My Happiness Project, part one

Since this is a project, this will probably be part one of many posts about it.  I started it after spending a considerable amount of time reading The Happiness Project blog, so if you're interested in doing one of your own, you may want to start there rather than here.  I'm just derivative.

Nevertheless, my project is underway.  I started by trying to think about how to be happier, which meant that I had to try to determine whether I was happy overall, if I felt I should be happier, what things were making me unhappy and many other such circular thoughts.  Since I LOVE lists (I sometimes make them just for the joy of organizing my thoughts and then never look at them again), I began making lists of my goals, divided into subcategories like Marital goals, Parental goals, Career goals, etc.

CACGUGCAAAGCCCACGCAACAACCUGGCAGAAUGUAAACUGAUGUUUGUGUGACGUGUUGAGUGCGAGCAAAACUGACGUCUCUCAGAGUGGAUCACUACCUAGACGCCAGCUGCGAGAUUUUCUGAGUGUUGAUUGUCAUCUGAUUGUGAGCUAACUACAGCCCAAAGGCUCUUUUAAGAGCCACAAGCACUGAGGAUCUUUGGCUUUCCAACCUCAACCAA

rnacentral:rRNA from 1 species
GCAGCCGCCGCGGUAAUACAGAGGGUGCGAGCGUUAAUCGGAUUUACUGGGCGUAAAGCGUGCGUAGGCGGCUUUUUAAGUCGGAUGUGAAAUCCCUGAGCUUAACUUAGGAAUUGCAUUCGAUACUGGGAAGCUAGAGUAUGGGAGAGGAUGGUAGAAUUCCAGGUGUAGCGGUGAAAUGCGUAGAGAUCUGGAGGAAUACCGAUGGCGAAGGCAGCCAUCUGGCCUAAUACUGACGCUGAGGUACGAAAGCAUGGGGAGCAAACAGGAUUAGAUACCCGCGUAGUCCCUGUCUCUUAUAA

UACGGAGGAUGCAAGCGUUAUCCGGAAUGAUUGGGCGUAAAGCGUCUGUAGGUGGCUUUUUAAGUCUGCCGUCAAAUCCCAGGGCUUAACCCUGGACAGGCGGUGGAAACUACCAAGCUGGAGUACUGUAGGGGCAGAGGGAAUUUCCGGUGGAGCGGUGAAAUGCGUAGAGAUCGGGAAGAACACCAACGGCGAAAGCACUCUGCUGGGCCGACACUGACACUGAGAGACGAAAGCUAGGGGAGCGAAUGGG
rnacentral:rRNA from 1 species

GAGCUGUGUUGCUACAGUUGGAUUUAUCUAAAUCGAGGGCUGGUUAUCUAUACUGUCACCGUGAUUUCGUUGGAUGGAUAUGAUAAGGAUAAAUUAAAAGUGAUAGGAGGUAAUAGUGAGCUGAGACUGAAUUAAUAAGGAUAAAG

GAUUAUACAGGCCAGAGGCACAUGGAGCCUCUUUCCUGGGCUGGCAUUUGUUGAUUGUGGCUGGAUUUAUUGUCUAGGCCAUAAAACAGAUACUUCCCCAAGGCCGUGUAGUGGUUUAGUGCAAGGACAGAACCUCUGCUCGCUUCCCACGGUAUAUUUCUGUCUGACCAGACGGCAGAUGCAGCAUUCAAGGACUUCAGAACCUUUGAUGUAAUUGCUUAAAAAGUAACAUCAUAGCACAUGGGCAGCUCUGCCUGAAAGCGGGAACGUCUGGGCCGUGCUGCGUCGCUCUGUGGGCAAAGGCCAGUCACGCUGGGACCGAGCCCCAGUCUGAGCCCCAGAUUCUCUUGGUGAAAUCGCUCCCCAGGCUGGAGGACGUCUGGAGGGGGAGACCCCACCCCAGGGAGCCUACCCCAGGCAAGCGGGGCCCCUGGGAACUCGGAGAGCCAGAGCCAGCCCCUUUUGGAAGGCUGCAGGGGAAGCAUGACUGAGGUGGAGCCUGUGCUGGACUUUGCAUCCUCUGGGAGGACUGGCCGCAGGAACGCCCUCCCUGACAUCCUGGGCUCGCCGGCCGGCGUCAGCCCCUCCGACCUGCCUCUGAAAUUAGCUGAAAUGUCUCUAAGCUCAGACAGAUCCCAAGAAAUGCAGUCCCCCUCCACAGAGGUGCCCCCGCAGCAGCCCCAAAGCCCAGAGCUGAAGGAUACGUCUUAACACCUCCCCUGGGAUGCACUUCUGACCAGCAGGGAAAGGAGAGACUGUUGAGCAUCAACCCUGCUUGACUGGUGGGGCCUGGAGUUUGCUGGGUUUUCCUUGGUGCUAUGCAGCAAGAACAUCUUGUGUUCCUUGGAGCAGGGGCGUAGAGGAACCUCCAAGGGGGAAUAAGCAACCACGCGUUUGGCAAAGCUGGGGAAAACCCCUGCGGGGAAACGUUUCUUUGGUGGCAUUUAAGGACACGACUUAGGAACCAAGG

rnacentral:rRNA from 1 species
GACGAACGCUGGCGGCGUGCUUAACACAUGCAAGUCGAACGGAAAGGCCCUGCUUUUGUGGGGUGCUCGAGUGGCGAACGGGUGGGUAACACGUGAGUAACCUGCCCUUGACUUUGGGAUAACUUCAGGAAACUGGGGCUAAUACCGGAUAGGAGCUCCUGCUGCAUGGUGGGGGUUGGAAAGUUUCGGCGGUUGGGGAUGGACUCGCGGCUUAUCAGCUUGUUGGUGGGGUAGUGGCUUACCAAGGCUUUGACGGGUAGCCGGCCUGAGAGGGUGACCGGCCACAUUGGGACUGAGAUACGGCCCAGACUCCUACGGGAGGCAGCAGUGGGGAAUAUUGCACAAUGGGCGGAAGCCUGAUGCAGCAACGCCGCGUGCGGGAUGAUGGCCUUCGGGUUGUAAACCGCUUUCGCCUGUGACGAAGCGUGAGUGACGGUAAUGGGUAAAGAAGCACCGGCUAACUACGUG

At this point you are probably thinking about how freakish I am and how it's no wonder I needed a project in order to be happier.  Or as a teacher friend of mine put it:  "Wow, you are SO a teacher on leave right now."  This is very true, but it is also true that doing this project made me do a lot of hard work at analyzing my life and what I wanted from it. 

Before I get to the goals or resolutions, I wanted to write about my Guiding Principles (or "commandments" as Gretchen Rubin at The Happiness Project calls them).  These are statements that I'm using to guide my thoughts, behaviors, and creation of resolutions.  They are a work in progress, so I welcome feedback.

Guiding Principles (so far):

1.  Accept the things I cannot change.

Since you're at this site, you can see where I got this one.  I have a tendency to relive past events, conversations, etc. and think about them obsessively.  I have rationalized this in many ways, such as that it helps me make future choices.  This is true but only to a point.  There comes a time when I have to move on.